Our Members Asked:
I do moderate exercise for about an hour a few times a week. Which supplements might help me, and which should I consider avoiding?
When working out, nutritional needs that should be considered include hydration and electrolytes, as well as protein. Let's discuss each of these briefly, as well as supplements providing other vitamins or ingredients — some of which you may want to avoid when working out.
Supplements that may be beneficial
As long as you are fairly healthy and eating a balanced diet, if you work out for an hour, you only need water to recover; you don't need an "electrolyte" supplement. This was shown in a study which compared water to coconut water and a rehydration sports drink (as discussed in the Coconut Waters Review). Only when doing strenuous exercise for long periods of time (i.e., 90 minutes or more) are you likely to be sweating out enough electrolytes (primarily sodium) to require replenishment. Electrolyte or "sports" drinks can be helpful in these situations (see our Electrolytes & Sports Drinks Review), but so can drinking water and consuming foods that provide the right electrolytes as well sugars.
Extra protein from a powder or drink can help athletes build muscle and older people prevent or reverse age-related loss of muscle strength when used in conjunction with resistance-type exercise (such as free weights, weight machines, resistance bands, or your own body weight — as with squats). If you are not doing resistance-type exercise, extra protein won't help. (However, be aware that many older adults do not get even adequate protein from their diets and intakes higher than current daily recommendations may be needed to reduce muscle loss.) For more information, see our Protein Powders and Drinks Review, which includes information about types of protein, dosing, and our ratings and comparisons of products.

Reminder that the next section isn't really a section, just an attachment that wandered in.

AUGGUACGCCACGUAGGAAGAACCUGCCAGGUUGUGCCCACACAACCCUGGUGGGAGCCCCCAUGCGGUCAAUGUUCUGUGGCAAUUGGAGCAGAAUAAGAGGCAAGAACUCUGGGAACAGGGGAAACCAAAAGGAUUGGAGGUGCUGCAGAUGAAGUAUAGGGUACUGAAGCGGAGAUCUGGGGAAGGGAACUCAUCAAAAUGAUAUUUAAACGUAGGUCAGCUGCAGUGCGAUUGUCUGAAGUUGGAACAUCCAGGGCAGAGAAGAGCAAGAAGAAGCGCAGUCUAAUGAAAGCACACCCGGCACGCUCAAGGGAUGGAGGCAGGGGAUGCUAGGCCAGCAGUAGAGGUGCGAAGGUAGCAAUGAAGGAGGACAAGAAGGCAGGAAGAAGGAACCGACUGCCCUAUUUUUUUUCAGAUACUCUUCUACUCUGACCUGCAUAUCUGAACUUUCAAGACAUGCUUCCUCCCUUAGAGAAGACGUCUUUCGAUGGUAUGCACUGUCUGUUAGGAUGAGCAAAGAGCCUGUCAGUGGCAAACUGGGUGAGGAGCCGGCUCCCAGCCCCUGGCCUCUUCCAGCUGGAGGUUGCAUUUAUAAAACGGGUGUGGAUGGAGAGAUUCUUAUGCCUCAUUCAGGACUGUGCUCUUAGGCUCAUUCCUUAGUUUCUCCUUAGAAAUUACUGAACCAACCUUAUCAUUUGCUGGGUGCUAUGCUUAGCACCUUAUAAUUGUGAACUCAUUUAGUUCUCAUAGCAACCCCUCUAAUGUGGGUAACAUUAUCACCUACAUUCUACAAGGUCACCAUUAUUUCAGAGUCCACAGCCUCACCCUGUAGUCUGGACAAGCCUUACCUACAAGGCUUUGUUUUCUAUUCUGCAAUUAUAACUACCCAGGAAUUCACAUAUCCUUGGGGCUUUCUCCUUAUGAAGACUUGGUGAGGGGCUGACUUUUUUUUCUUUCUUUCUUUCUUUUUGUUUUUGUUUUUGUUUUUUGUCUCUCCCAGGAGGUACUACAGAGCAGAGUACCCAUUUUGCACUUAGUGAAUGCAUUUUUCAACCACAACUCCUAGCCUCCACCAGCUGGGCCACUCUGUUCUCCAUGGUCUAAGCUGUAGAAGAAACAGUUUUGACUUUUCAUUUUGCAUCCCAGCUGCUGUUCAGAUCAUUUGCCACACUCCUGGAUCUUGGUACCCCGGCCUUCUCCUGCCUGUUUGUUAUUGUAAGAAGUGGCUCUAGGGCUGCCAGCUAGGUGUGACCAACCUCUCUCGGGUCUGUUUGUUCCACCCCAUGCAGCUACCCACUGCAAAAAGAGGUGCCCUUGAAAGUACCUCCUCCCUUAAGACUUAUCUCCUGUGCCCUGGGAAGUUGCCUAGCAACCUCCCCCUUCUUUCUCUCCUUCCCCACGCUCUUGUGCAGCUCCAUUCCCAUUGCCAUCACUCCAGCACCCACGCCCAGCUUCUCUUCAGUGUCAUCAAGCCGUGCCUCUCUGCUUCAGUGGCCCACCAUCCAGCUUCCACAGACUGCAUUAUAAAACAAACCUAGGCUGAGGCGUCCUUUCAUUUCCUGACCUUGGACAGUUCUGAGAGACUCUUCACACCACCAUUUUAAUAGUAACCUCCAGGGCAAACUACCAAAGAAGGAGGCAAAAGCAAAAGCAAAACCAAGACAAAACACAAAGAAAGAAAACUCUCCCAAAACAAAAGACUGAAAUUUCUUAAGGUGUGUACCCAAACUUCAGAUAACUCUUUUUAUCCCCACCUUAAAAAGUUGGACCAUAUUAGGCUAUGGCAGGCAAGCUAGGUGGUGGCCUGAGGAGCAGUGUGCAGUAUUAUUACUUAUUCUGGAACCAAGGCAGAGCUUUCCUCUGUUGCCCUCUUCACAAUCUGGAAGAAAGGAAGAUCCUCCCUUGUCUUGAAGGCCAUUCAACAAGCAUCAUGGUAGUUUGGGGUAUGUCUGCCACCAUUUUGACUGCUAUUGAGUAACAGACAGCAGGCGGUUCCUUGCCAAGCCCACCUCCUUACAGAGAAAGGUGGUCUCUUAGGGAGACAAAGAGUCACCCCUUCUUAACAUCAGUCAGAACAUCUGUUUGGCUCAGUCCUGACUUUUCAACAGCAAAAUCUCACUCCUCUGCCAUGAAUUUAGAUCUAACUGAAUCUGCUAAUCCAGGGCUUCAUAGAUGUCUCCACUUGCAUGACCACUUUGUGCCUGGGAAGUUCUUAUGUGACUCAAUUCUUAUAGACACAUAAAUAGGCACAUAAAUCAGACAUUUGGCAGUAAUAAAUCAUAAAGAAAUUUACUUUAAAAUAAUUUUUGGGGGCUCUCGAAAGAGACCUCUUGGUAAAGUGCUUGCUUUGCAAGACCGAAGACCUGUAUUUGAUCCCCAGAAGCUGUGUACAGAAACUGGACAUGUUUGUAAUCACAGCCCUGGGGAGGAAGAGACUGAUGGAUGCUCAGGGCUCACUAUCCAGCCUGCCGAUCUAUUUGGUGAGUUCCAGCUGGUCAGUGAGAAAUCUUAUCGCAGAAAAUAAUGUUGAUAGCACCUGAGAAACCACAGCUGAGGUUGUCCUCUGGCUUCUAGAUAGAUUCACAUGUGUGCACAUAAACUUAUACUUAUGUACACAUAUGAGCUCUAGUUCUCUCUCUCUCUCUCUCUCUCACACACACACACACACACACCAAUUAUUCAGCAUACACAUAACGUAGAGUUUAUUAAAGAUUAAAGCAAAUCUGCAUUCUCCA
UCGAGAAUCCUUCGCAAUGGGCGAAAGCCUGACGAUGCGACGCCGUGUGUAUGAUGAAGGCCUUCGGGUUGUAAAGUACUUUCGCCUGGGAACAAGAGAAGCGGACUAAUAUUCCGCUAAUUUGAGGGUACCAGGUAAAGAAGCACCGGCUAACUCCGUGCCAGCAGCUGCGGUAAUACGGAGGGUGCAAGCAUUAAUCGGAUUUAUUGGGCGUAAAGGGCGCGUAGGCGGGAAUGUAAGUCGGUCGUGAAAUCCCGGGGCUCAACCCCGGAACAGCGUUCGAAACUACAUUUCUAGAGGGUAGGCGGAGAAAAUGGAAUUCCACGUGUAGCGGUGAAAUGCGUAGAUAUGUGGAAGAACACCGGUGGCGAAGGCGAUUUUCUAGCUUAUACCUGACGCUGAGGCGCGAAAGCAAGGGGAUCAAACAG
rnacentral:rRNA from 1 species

Branched-chain Amino Acids (BCAAs)
BCAAs may help reduce muscle breakdown during exercise (and reduce soreness from long-distance intense exercise,) but BCAAs do not appear to have performance-enhancing effects. (BCAAs may reduce muscle loss due to inactivity, such as around the time of knee surgery).
Creatine) may improve muscle strength and endurance during repeated high-intensity exercise of short duration, such as weight lifting and sprinting. It is not of benefit in purely aerobic exercises.
Supplements with questionable evidence of benefit
Curcumin (from turmeric)
Overall, the usefulness of curcumin for muscle function, recovery, and soreness after exercise remains uncertain, as results are mixed. At best, if taken for a few days before intense exercise, curcumin may slightly reduce resulting inflammation and, if taken after exercise, it may reduce muscle damage and soreness. Taking a turmeric supplement containing turmeric polysaccharides without curcumin does not appear to significantly reduce pain after exercise.
Fish Oil has been shown to help increase strength from training in women. However, it doesn't appear to be beneficial in men.
Although vitamin D supplementation seems to help increase strength from training among people deficient in vitamin D, it doesn't seem to be improve strength among people with adequate levels and, in fact, at high doses it may actually reduce the benefits of exercise.
Resveratrol and high-doses of vitamins C and E, all of which are antioxidants, may also blunt the effects of exercise. It has been speculated that during exercise, reactive oxygen species (ROS) are created which trigger positive changes in muscle. Antioxidants, which remove ROS, prevent this from happening.